This is a loaded question( Loaded?…Dice?…get it?) There are many different rollers out there.  There are online/digital and physical towers? We will discuss the benefits to both sides and see what is better? if any?

All dice are loaded!

You may not like to think about it, but it’s true. No dice are so perfectly made so that they don’t have a bit of a bias. There are many ways you can try get that one stubborn dice to roll something other than a 9 (or a  dreaded 1 of all things), from rolling backwards, putting it in a dice jail, some rituals to give it a spin of good luck, but nothing throws in the random element quite like a good dice roller.

What do you want, Digital or Tower Roller?

I keep seeing question online about What is the best Dice Rollers? Well, are you talking about digital rollers or your Dice towers? both have their advantages and disadvantages. Now with any question on the internet, there are a lot of different sides and reasoning to the answer.

Digital Rollers.

I’ll start with the digital, as there is so much more out there and this will look into the various sites out there that offer the option to roll dice for you. This will include things like options of dice – reliable random outcome and overall usability of the site.

This dice roller, provided by Wizards of the Coast themselves, was made specifically with D&D in mind. It’s not pretty but the interface is simple, and it has all the dice usually present on a D&D table available, as well as a single customisable one. It has the benefit of being able to add a modifier, so if you know your barbie’s standard attack damage is 1d12+8, you can put that right in there and get the math done for you. The downsides are that it otherwise is a very limited tool, and is just really unpleasant to look at.

Wizards of the coast dice roller
To be fair, everything on the internet looked terrible in 2005.

Ugh. This one’s great for exactly one purpose: character creation. The interface is painfully minimal, to the point where it’s more effort to use because it’s so simple. There are a lot more preset dice available out the gate than the one provided by Wizards, but it doesn’t have the ability to make one with a custom amount of sides, for whatever reason you might need one that’s not already there. The one great feature is the fact that you can do multiple runs of multiple rolls, like the 3d6 (or 4d6 drop) for character creation, meaning you can get an entire attribute array out in just a few clicks.

Roll Dice online
ten minutes clicking and this was the best I got - my highest stat is 14...

A great option for someone looking for a basic roller they can use for their games.  This dice roller has a lot in common with the Wizards roller, only the options are a lot more fleshed out. It also has a dedicated section for the various rule variants for stat rolls – all except the 5d6 drop 2, for those of you whose dm is a total pushover or simply certifiable

Brock Jones Dice roller
WotC is totally gonna sue them for the look, but the options are great.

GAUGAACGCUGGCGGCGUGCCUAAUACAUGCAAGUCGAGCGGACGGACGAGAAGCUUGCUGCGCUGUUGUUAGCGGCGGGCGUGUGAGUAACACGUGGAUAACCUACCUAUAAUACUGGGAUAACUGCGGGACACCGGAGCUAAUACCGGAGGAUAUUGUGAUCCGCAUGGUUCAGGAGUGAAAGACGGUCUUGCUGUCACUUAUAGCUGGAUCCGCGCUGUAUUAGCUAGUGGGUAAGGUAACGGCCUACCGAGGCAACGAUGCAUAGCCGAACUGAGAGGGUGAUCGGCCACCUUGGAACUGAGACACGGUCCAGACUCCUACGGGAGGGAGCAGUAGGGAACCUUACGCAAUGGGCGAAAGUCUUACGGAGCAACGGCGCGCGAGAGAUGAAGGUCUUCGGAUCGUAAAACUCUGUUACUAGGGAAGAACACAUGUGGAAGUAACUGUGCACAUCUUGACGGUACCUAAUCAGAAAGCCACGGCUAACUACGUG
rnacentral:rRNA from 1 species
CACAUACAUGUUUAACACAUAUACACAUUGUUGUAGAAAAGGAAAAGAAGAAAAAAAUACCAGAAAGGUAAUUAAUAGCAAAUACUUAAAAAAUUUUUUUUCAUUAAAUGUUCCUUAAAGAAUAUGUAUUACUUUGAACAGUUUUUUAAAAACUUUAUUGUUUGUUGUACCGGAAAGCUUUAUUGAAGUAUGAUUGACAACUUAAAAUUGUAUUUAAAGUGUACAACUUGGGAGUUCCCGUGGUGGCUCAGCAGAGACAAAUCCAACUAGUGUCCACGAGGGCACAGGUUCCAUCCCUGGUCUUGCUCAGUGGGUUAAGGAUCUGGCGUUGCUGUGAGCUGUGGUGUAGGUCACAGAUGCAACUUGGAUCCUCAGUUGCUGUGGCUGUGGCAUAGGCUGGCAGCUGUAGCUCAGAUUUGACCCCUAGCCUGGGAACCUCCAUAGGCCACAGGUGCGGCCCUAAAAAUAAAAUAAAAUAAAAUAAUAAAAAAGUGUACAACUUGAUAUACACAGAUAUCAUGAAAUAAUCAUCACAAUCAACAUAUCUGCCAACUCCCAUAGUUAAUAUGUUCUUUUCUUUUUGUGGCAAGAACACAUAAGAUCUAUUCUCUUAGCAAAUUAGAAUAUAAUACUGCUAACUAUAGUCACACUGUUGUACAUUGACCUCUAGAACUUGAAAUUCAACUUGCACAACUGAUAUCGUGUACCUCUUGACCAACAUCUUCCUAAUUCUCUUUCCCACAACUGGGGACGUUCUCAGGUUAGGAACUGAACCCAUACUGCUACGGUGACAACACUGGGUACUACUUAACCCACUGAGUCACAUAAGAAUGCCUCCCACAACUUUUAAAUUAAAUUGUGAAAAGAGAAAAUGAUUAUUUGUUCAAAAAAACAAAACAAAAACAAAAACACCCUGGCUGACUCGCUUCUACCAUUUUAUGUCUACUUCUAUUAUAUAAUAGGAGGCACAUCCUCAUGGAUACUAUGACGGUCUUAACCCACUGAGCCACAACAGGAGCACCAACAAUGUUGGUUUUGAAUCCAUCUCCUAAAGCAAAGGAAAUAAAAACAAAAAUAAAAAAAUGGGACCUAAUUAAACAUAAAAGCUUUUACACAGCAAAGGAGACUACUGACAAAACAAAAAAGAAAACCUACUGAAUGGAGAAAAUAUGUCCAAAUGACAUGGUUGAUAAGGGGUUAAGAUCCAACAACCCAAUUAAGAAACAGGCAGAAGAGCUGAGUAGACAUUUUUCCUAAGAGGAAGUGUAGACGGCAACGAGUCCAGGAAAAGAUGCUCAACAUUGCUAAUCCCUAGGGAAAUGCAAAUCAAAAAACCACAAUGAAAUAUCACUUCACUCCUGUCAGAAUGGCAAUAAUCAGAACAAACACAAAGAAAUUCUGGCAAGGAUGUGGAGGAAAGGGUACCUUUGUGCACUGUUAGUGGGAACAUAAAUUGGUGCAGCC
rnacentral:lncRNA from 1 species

THIS ONE IS AMAZING. Not to show bias, but this is the Dice roller used by our resident dm, for a number of reasons. First of all, it’s got more options than any other dice roller that’s been found so far, from number and size of dice to dropping options and modifiers, to explosions (super handy for SWd6 or Open Legend players). It also has a seed setter, so you can even share rolls if you’re playing an online session on TTS or skype.

Dice Run
All dice are loaded, even digital ones. This one at least gives measured stats on exactly how biased this dice is (as it turns out, only very slightly)

Tower Rollers.

Now, Towers roller will not have any stats to base your opinion on, as at the end of the day – it’s just a tower? These towers do however allow you to personalise your player setup. If like most serious RPG players, you have more than just one set of dice, then you know that having a set that looks cool or different from anyone else can be the reason you choose to use the dice in a battle or campaign. Having a tower that looks really good can make you or your luck seem that much better.

It’s also worth noting that the design of dice can influence its bias. Metal dice with engraved numbers will have some sides heavier than others, and spindown dice are right out – the traditional layout of dice is designed to balance out the weight of higher numbered sides versus the lower, and spindowns completely go against that concept. (They’re loaded toward the 20, so DM’s be careful about your players using these, and don’t get any ideas.) Milky, patterned and transparent dice are also more biased in seemingly random ways. For a truly random dice, plain colour with pips instead of numbers are first prize, but even those are rarely perfect.


Both Digital and Towers have their benefits – it really comes down the type of game you are playing and really, the space you have to play with? I personally prefer using dice – something physical I can roll – I believe that this does bring the full essence of Dungeons and Dragons to life – the reasons for this can also be found here. These Dice Towers just allow you to use your dice on a small and limited area of play. Plus, being able to customise your towers give you that little bit of individuality as a player., which coincides with the dice you use.

What do you think? Let us know below – what’s your favourite? Dice Tower or Digitals?

Richard Eccles

General Geek with a taste for everything geeky, everything from D&D to Board Games. I'm a Technical Manager to pay the bills - so spend far too much time in front of a screen.


Lets Discuss?